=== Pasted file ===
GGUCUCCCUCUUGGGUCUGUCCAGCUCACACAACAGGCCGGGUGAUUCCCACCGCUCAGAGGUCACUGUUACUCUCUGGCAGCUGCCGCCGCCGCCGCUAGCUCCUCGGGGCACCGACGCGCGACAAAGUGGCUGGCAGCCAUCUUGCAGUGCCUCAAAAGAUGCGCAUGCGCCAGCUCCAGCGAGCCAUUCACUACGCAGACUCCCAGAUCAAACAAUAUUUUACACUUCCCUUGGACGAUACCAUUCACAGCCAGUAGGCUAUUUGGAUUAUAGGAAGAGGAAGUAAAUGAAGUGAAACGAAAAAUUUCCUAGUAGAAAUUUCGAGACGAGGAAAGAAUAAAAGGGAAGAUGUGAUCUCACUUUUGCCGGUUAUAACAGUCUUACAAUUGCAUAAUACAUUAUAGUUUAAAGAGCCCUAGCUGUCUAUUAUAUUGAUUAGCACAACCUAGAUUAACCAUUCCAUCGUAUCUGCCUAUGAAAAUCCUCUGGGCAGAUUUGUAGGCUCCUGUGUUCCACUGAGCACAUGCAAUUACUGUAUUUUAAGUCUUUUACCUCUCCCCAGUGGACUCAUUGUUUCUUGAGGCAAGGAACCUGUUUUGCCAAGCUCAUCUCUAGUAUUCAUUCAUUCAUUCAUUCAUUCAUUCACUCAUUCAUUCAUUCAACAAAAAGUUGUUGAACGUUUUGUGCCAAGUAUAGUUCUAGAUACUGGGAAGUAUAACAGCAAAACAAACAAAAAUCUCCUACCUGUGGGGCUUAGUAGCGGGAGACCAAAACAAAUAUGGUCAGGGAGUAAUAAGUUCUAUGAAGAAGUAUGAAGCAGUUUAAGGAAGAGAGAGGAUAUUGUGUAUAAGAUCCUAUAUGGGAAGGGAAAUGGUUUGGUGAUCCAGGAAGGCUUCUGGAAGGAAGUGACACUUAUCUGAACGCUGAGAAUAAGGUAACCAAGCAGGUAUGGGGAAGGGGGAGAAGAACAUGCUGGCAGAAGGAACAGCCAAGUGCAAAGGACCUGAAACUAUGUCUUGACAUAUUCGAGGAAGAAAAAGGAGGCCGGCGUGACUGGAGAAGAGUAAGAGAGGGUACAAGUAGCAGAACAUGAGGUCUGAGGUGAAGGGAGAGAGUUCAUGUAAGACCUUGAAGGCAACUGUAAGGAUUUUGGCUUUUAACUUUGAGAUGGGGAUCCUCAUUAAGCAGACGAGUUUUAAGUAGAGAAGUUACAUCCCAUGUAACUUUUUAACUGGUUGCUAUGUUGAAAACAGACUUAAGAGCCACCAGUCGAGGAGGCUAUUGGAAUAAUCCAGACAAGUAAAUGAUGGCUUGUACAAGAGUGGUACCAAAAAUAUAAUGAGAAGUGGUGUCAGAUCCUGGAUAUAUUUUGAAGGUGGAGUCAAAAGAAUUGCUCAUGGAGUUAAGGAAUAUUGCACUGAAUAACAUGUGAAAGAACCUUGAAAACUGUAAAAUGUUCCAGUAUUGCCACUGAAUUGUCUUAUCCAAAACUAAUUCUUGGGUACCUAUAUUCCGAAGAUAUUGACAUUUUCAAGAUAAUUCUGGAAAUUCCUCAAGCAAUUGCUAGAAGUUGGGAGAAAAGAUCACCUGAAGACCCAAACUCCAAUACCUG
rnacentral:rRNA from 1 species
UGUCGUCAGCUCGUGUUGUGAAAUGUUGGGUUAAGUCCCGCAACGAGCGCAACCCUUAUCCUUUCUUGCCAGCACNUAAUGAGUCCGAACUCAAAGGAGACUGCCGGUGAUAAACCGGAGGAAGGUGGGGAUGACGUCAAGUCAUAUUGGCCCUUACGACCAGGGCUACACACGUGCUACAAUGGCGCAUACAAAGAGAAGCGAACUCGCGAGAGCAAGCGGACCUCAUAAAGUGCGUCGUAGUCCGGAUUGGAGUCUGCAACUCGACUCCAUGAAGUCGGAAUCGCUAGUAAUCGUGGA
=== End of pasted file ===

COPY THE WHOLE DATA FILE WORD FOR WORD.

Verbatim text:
GGUCUCCCUCUUGGGUCUGUCCAGCUCACACAACAGGCCGGGUGAUUCCCACCGCUCAGAGGUCACUGUUACUCUCUGGCAGCUGCCGCCGCCGCCGCUAGCUCCUCGGGGCACCGACGCGCGACAAAGUGGCUGGCAGCCAUCUUGCAGUGCCUCAAAAGAUGCGCAUGCGCCAGCUCCAGCGAGCCAUUCACUACGCAGACUCCCAGAUCAAACAAUAUUUUACACUUCCCUUGGACGAUACCAUUCACAGCCAGUAGGCUAUUUGGAUUAUAGGAAGAGGAAGUAAAUGAAGUGAAACGAAAAAUUUCCUAGUAGAAAUUUCGAGACGAGGAAAGAAUAAAAGGGAAGAUGUGAUCUCACUUUUGCCGGUUAUAACAGUCUUACAAUUGCAUAAUACAUUAUAGUUUAAAGAGCCCUAGCUGUCUAUUAUAUUGAUUAGCACAACCUAGAUUAACCAUUCCAUCGUAUCUGCCUAUGAAAAUCCUCUGGGCAGAUUUGUAGGCUCCUGUGUUCCACUGAGCACAUGCAAUUACUGUAUUUUAAGUCUUUUACCUCUCCCCAGUGGACUCAUUGUUUCUUGAGGCAAGGAACCUGUUUUGCCAAGCUCAUCUCUAGUAUUCAUUCAUUCAUUCAUUCAUUCAUUCACUCAUUCAUUCAUUCAACAAAAAGUUGUUGAACGUUUUGUGCCAAGUAUAGUUCUAGAUACUGGGAAGUAUAACAGCAAAACAAACAAAAAUCUCCUACCUGUGGGGCUUAGUAGCGGGAGACCAAAACAAAUAUGGUCAGGGAGUAAUAAGUUCUAUGAAGAAGUAUGAAGCAGUUUAAGGAAGAGAGAGGAUAUUGUGUAUAAGAUCCUAUAUGGGAAGGGAAAUGGUUUGGUGAUCCAGGAAGGCUUCUGGAAGGAAGUGACACUUAUCUGAACGCUGAGAAUAAGGUAACCAAGCAGGUAUGGGGAAGGGGGAGAAGAACAUGCUGGCAGAAGGAACAGCCAAGUGCAAAGGACCUGAAACUAUGUCUUGACAUAUUCGAGGAAGAAAAAGGAGGCCGGCGUGACUGGAGAAGAGUAAGAGAGGGUACAAGUAGCAGAACAUGAGGUCUGAGGUGAAGGGAGAGAGUUCAUGUAAGACCUUGAAGGCAACUGUAAGGAUUUUGGCUUUUAACUUUGAGAUGGGGAUCCUCAUUAAGCAGACGAGUUUUAAGUAGAGAAGUUACAUCCCAUGUAACUUUUUAACUGGUUGCUAUGUUGAAAACAGACUUAAGAGCCACCAGUCGAGGAGGCUAUUGGAAUAAUCCAGACAAGUAAAUGAUGGCUUGUACAAGAGUGGUACCAAAAAUAUAAUGAGAAGUGGUGUCAGAUCCUGGAUAUAUUUUGAAGGUGGAGUCAAAAGAAUUGCUCAUGGAGUUAAGGAAUAUUGCACUGAAUAACAUGUGAAAGAACCUUGAAAACUGUAAAAUGUUCCAGUAUUGCCACUGAAUUGUCUUAUCCAAAACUAAUUCUUGGGUACCUAUAUUCCGAAGAUAUUGACAUUUUCAAGAUAAUUCUGGAAAUUCCUCAAGCAAUUGCUAGAAGUUGGGAGAAAAGAUCACCUGAAGACCCAAACUCCAAUACCUG
rnacentral:rRNA from 1 species
UGUCGUCAGCUCGUGUUGUGAAAUGUUGGGUUAAGUCCCGCAACGAGCGCAACCCUUAUCCUUUCUUGCCAGCACNUAAUGAGUCCGAACUCAAAGGAGACUGCCGGUGAUAAACCGGAGGAAGGUGGGGAUGACGUCAAGUCAUAUUGGCCCUUACGACCAGGGCUACACACGUGCUACAAUGGCGCAUACAAAGAGAAGCGAACUCGCGAGAGCAAGCGGACCUCAUAAAGUGCGUCGUAGUCCGGAUUGGAGUCUGCAACUCGACUCCAUGAAGUCGGAAUCGCUAGUAAUCGUGGA